Businesses need to prepare for the rain
I was listening to a promotion the other night for “Mad Men,” and the character said something like: “There’s gonna be fat times. There’s gonna be lean times. But one thing’s for sure. It’s gonna rain again.”
If you’ve been listening to the national news lately, everyone is abuzz about indicators that suggest better times are just around the corner. Many of us are seeing small glimmers of hope that make us optimistic that the worst has passed and the country is on its way to an economic recovery.
So this morning, I began thinking about the need for businesses to be prepared for the rain. How ready is your company for when the inevitable upswing in the economy begins to happen? And by when, I mean today!
A common thing occurs when times get tough; companies lay off their marketing staffs. While I don’t agree with this approach, I realize that it happens. So for those companies that did cut their marketing staff to the bare bones, those hopeful glimmers of an upswing present a dilemma. Now that they can begin to see the light at the end of this tunnel, they need to ramp up their marketing efforts. Maybe their Web sites need new looks, they need new advertising plans, or it’s time to reach out to a new group of customers through social media. Whatever it is, these companies need to be front and center as people begin to think about spending again.
There’s one catch, though. Financially, they’re not in a position to be adding staff yet, and they won’t be until business and revenues improve.
Smart leaders know they can’t just sit there – and they can’t ask any more of their bare-bones staff than they’re already doing. If they outsource their marketing efforts, they can save the expense of adding staff right now, while positioning themselves for the business they need. The key to outsourcing, though, is to find a partner that takes the time to understand the company’s history of talking to its customers (its brand awareness in the marketplace), while knowing how to effectively reach new customers and previous customers who have become much more cost-conscious.
Finding the right partner is important. There are thousands and thousands of professional marketing consultants out there. When looking for the right partner, there are many things to consider, but the most important one may not seem obvious at first. Ask yourself what your company’s values are and make sure the consultant you hire shares those values. If you don’t have that common ground, you won’t ever work together well.
What if your company has been quiet in the marketplace for the past year because business hasn’t been there? How do you start reintroducing your company?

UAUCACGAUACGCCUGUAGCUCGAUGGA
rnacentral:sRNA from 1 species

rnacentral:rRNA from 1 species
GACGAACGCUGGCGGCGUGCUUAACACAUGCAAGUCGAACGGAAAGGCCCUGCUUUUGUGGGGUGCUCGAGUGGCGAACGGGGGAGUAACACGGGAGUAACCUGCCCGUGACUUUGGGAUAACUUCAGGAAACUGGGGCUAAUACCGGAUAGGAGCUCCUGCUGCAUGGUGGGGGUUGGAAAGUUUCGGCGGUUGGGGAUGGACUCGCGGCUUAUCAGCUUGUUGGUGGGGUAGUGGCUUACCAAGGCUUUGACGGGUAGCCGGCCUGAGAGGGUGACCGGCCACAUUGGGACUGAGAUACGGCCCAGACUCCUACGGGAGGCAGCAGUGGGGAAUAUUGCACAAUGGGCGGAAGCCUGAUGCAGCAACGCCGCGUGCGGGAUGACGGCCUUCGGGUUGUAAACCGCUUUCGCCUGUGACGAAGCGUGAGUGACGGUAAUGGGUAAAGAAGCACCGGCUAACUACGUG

Perhaps it’s not so much a reintroduction as it is a reminder. Lots of companies have been quiet during this recession. It’s been hard on everyone, and anyone who tells you they haven’t felt an impact is being disingenuous. In that same light, many companies are beginning to come out of their cocoons. They’re refreshing their dusty marketing efforts, giving them new life. And they’re reminding customers that they are still here, still reliable and still interested in their business.
If your company’s reputation was strong before the recession, now is not the time to reinvent the wheel. There’s no need for drastic measures, but refreshing your look and message can help you reach out to customers and remind them of what they’ve missed by not having your company in their lives.
Show them the value you offer and the trustworthiness you provide. Remember, they didn’t leave you because of something you did; they stopped spending money when they became scared during this economic crisis.
Finally, there is the issue of finding the right tone and being respectful during the still-challenging times before the economic recovery is fully recognized. People haven’t stopped being scared, but they are willing to test the waters again. The challenge for companies is to walk that fine line of promoting their products and services while empathizing with their customers’ real needs to be cost-conscious and responsible with their spending.
The auto industry has found a way to walk that line. Take, for example, Hyundai, which first offered an assurance program that covered customers’ car payments if they lost their jobs and now offers a year’s gasoline price guarantee.
While car companies need to sell their products, they know customers are terrified of laying out money when the future is uncertain. These companies have created ways to acknowledge those fears, and they’ve responded respectfully by creating marketing plans that solve both problems – cars are sold and customers are given assurances for the future.
Wise corporate leaders know that things are not going back to the way they used to be. Customers are more cost savvy and less willing to spend unless they see value. How you re-engage with the marketplace is more important now than ever before. What you say, how you present your company and the messages you send today will set the tone for how you position your company for when it rains again.
And it will rain.
Laurie J. Storey-Manseau, owner of StoreyManseau LLC, Concord, can be reached at firstname.lastname@example.org.